With all of that said, here’s a progression of Schenn from an underlying and production perspective.

5v5 Underlying Metrics

5v5 Offense

All Situations Offense

In the case of Schenn we have a top prospect who was moved by a team looking to transform their roster. He went on to have success in Philadelphia, and they too moved on from him as they made decision on their long term roster due to his proximity to free agency. He has a home in the foreseeable future in St. Louis, and has the chance to have very good overall NHL career. He’s been pretty consistent year-to-year, and simply a good player who got traded and developed over time.

And now that you’ve seen what Schenn has done for himself, here’s a snapshot on how he was projected to perform vs. Strome using Byron Bader’s NHLe tool.

In other words, based on this, Strome was projected to have more success than Schenn, but that obviously didn’t happen.

Mika Zibanejad, New York Rangers

Another interesting case to consider is that of current Ranger Mika Zibanejad. Zibanejad joined the Ottawa Senators after being selected sixth overall at the 2011 draft, and would spend nine games with the team before returning to Sweden. He came to North America the following year and started in the AHL due to the lockout. Once play resumed, he joined the main club posting a line of 7-13-20 in 42 games.

The 2013-14 campaign saw Zibanejad skate six games with the Binghamton Senators (2-5-7), and he was an NHL mainstay from that point on, tallying 33 point in 69 NHL games. The next two seasons were Zibanejad’s last in Ottawa, and he posted seasons of 46 and 51 points in in 80 and 81 games respectively.

As many are well aware, he joined the Rangers after the Blueshirts sold high on Derick Brassard, and Zibanejad’s come into his own on Broadway. The stunning Swede has tallied 169 points in 219 games with the Rangers, including 74 in 82 games last season, and 11 in nine games to start the 2019-20 campaign. It is fair to say he’s developed into a player far better than the Senators could have predicted, and the franchise likely wishes they could have a do over on the trade.

5v5 Underlying Metrics

5v5 Offense

All Situations Offense

Now that you’ve seen how Zibanejad has progressed, here’s how he compared to Strome at their time of drafting.

Strome once again looks pretty favorable to Zibanejad, and it’s an even more interesting comparison since they were selected one spot apart. Based on what we’ve seen thus far in their careers, Zibanejad has exceeded expectations whereas Strome had under-performed. Zibanejad has been a better driver of play and offense, and the only reasons his total numbers are low are because he’s had bad injury luck over the years.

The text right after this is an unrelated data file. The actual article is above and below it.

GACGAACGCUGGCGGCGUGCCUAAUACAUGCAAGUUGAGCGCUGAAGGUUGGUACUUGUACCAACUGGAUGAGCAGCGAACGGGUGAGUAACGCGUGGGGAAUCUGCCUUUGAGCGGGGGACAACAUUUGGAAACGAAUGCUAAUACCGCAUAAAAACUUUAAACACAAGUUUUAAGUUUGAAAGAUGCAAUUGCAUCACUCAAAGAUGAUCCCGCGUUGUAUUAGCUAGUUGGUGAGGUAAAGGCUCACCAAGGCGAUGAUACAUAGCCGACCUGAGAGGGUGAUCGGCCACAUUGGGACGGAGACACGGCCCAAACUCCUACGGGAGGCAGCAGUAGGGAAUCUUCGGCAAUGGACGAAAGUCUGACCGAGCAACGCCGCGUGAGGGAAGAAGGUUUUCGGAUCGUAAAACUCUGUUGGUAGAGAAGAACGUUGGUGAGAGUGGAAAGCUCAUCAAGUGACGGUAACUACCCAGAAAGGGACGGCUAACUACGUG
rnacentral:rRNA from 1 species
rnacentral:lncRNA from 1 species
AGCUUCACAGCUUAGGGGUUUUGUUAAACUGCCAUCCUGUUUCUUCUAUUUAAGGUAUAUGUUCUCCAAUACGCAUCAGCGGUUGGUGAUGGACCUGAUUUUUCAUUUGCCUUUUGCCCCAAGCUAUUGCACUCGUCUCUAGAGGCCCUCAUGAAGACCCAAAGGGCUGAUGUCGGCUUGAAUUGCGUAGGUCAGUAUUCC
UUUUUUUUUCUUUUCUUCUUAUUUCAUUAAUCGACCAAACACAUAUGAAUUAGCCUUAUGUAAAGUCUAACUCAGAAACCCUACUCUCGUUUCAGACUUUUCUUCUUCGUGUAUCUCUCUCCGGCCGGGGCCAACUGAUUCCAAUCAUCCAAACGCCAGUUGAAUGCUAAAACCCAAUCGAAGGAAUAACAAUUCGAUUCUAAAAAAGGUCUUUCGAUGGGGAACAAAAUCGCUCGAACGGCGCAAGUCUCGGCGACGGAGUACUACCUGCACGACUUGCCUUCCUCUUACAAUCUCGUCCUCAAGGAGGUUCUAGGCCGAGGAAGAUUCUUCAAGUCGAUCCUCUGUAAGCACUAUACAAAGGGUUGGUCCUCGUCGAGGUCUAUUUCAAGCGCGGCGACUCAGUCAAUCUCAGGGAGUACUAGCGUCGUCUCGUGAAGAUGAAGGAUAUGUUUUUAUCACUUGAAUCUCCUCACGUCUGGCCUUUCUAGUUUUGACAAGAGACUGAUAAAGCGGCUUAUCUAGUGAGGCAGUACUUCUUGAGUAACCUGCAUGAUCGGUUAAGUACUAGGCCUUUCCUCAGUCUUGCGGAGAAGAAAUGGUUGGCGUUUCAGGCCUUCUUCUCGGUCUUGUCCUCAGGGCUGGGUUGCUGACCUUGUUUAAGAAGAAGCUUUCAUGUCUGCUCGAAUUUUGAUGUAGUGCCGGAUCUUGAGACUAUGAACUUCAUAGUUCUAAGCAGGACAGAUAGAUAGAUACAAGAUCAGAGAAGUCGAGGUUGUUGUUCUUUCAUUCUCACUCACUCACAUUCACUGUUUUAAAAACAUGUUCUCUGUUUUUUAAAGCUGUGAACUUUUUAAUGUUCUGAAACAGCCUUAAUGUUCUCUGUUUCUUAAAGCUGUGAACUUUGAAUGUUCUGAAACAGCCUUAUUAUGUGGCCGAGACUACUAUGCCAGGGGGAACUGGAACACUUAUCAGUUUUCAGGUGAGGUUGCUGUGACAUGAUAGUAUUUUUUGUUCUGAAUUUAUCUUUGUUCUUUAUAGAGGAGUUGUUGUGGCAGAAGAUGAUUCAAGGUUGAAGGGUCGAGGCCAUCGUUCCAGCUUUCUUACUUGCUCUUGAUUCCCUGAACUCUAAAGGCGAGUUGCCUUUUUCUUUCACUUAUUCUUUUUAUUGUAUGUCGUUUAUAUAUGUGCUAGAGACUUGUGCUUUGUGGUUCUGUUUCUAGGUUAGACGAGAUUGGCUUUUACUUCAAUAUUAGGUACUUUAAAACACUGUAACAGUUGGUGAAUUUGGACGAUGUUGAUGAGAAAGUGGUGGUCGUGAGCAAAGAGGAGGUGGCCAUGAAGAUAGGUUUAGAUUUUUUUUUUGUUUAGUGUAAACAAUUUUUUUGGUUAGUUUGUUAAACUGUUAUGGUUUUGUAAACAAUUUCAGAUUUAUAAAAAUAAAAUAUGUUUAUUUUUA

Derick Brassard, New York Islanders

I mentioned Derick Brassard before, and he’s another player interesting for a couple of reasons. He was the sixth overall pick of the 2006 draft by the Columbus Blue Jackets, a team that entered the league in 2000. He made his NHL debut as a 20-year-old, but only lasted 17 games. The following season saw an injury that required shoulder surgery limit him to 31 games, and it is a shame since he was playing very well (10-15-25). The next few seasons saw Brassard post average to decent production (36 points in 79 games, 47 points in 74 games, 41 points in 74 games), and things came to a head during the lockout season.

Brassard had 18 points in 34 games, and joined the Rangers in a surprise blockbuster that involved Marian Gaborik heading the other way. The trade appeared to rejuvenate Brassard, as he finished the regular season in New York posting a line of 5-6-11 in 13 games, and a line of 2-10-12 in 12 playoff games.

The remainder of Brassard’s time in NYC was positive, and saw him post season of 45, 60 and 58 points, including a 27-goal campaign in 2015-16. During that same span, “Big Game Brass” added 16 goals and 16 assists in 47 playoff games. The 28-year-old Brassard was then dealt to Ottawa for the aforementioned Zibanejad, and since that time his career has been middling with stops in Pittsburgh, Florida, Colorado and now he’s back in New York with the Islanders. Brassard averaged 0.69 points per game with the Rangers, an increase of 0.14 during his time in Columbus, and since then has averaged 0.48 points per game in 236 games.